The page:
Disclosure Push Threatens Non-Profit Donors’ First Amendment Protections

Kathryn Watson | Reporter

California elected officials are leading a courtroom charge to bulldoze the 1958 NAACP v. Alabama Supreme Court decision that guarantees anonymity for non-profit donors who might otherwise be subjected to death threats and other forms of intimidation.

The California attorney general’s (CAG) requirement that nonprofit groups disclose donor identities in order to solicit donations in the state threatens more than First Amendment rights. Nonprofit groups filed 10 amicus briefs Friday before the U.S. Court of Appeals for the Ninth Circuit in Americans for Prosperity Foundation (AFPF) v. California Attorney General Xavier Becerra.

“The California attorney general is callously neglectful of an atmosphere that is now crazed and even violent towards people who dissent from progressive doctrines, who speak out against radical terrorism, and others who may simply be in the wrong place at the wrong time,” the amicus brief from American Target Advertising reads. “The times are dangerous for dissent and association by conservatives.”

The nonprofit community has long viewed NAACP v. Alabama — which decided state officials infringed on First Amendment freedom of association rights by demanding NAACP donor identities — as a key safeguard. (RELATED: ‘F**k Donald Trump, F**K White People!’: 4 People In Custody After Man Kidnapped, Tortured On Facebook Live)

Becerra’s predecessor, Kamala Harris, now one of California’s U.S. senators, launched the current push by ordering non-profit organizations to hand over IRS 990 schedule B forms with donor names and addresses as a requirement for soliciting donations in the state. AFPF filed its lawsuit in December 2014. (RELATED: California AG Threatens Non-Profit Donors’ First Amendment Rights)

The U.S. District Court for the District of Central California court sided with AFPF against the CAG, but the relief only applied to AFPF and the state appealed the case to the Ninth Circuit.

New York’s Attorney General Eric Schneiderman also prohibited non-profit organizations from soliciting donations in that state unless they disclosed donor identities.

Nonprofit groups already have to give the IRS names of donors of more than $5,000, but the information is redacted before state officials receive it.

The heart of the issue is that Democrats don’t respect the rights of conservative individuals and groups, said Mark Fitzgibbons, president of corporate and legal affairs for American Target, and author of that organization’s brief.

“If they have the names of donors to conservative causes and donors to liberal causes, which is none of their business, they know who’s for them and who’s against them,” Fitzgibbons told The Daily Caller News Foundation.

The NAACP Legal Defense Fund (LDF) recognized that threats to freedom of association are dangerous to all nonprofit organizations and risk individuals’ safety.

“In an increasingly polarized country, where threats and harassment over the Internet and social media have become commonplace, speaking out on contentious issues creates a very real risk of harassment and intimidation by private citizens and by the government itself,” the NAACP LDF wrote.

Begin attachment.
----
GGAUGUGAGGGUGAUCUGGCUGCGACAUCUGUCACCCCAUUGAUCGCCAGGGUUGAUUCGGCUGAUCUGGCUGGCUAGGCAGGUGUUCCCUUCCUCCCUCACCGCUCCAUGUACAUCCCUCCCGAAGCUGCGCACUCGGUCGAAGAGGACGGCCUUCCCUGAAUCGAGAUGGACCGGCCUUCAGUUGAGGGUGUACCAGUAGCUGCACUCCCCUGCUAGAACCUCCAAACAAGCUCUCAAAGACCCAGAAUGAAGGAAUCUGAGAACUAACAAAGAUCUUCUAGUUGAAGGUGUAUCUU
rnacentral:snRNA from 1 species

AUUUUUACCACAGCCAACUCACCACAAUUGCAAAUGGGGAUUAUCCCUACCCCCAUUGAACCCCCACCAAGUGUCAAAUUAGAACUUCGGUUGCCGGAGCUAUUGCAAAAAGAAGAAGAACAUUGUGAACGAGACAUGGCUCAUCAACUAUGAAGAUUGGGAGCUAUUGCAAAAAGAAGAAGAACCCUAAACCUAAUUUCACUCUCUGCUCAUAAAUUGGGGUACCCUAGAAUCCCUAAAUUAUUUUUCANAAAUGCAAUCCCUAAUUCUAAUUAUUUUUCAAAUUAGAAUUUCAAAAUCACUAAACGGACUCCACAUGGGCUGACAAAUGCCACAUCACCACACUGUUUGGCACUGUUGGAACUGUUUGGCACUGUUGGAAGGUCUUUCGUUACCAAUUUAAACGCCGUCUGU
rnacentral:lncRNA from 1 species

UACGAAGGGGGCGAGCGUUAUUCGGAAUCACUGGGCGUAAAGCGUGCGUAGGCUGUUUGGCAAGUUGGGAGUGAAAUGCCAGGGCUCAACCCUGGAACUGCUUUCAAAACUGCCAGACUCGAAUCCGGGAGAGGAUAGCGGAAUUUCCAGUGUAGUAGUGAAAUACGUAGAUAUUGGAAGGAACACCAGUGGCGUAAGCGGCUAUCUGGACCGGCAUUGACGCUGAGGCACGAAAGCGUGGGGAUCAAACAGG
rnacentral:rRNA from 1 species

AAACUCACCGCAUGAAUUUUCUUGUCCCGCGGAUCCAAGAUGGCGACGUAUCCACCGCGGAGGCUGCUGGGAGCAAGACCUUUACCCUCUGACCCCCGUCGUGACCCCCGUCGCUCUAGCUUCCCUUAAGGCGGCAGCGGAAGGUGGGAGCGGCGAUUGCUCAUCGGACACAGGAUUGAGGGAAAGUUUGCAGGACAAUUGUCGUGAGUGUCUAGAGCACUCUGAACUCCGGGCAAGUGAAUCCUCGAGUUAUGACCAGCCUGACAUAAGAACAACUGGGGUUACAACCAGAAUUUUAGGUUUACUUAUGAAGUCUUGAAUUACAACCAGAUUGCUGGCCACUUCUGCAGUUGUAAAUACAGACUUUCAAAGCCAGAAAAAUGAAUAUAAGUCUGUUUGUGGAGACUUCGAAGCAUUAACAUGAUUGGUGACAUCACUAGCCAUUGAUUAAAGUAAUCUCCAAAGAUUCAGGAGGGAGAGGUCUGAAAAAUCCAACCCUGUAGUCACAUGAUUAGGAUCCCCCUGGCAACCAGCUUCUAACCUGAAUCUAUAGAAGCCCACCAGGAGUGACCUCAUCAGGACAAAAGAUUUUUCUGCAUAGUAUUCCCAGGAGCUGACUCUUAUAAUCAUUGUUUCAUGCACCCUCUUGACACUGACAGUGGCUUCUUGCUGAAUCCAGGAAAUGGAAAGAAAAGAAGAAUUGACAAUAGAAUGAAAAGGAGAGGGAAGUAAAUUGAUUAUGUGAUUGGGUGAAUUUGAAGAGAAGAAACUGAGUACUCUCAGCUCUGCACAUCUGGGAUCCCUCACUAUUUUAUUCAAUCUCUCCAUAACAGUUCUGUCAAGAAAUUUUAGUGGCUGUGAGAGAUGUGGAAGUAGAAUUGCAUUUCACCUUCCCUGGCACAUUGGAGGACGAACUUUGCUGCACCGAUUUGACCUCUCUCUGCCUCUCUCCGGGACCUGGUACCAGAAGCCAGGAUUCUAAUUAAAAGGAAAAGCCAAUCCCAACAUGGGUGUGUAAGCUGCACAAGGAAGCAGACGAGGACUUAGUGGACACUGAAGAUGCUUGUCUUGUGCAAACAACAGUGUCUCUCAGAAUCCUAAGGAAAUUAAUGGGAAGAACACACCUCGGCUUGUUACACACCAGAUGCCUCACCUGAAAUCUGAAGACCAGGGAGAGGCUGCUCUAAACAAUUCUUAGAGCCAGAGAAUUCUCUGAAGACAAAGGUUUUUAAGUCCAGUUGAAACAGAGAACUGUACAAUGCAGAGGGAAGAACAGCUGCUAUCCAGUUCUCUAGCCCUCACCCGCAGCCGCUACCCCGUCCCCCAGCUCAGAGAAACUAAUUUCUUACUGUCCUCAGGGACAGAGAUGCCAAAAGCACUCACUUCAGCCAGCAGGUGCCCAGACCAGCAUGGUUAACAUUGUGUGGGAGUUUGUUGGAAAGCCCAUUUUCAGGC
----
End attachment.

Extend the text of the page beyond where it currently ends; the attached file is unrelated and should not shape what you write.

“Furthermore, numerous contemporary issues — ranging from the Black Lives Matter movement, to gay marriage, to immigration — arouse significant passion by people with many divergent beliefs. Thus, now, as much as any time in our nation’s history, it is necessary for individuals to be able to express and promote their viewpoints through associational affiliations without exposing themselves to a legal, personal or political firestorm.”

The Alliance Defending Freedom, the Free Speech Defense Fund, the Pacific Research Institute, Cato Institute, Competitive Enterprise Institute, Proposition 8 Legal Defense Fund, Electronic Privacy Information Center, Pacific Legal Foundation, Philanthropy Roundtable, and Arizona, Alabama, Louisiana, Michigan, Nevada, Texas and Wisconsin also submitted briefs.

But AFPF’s case has arguments beyond First Amendment grounds, the American Target brief argues.

The liberal push for donor information violates post-Watergate reforms to the tax code, which prohibit unauthorized access, inspection and disclosure of any confidential tax return information, and establishes penalties for violators.

“Unless disclosure of tax return information is expressly authorized under the Internal Revenue Code, it is unlawful,” the American Target brief said. “The post-Watergate reforms therefore focus as much (if not more) on unauthorized disclosure to, and use by, federal and state officials as the public.”

Harris had no right to demand identities in schedule B forms, as those requests must only go through the IRS on a case-by-case basis, and she could face penalties of up to $5,000 or five years behind bars, per Title 26 of the U.S. tax code, according to the brief.

“Those reforms include civil and criminal penalties for state attorneys general and their staff,” the American Target brief said. “Many conservatives hope Congress and the incoming U.S. attorney general will look into this because the Obama administration seemed to give Democrats a pass on breaking laws when conservatives were being targeted for abuse.”

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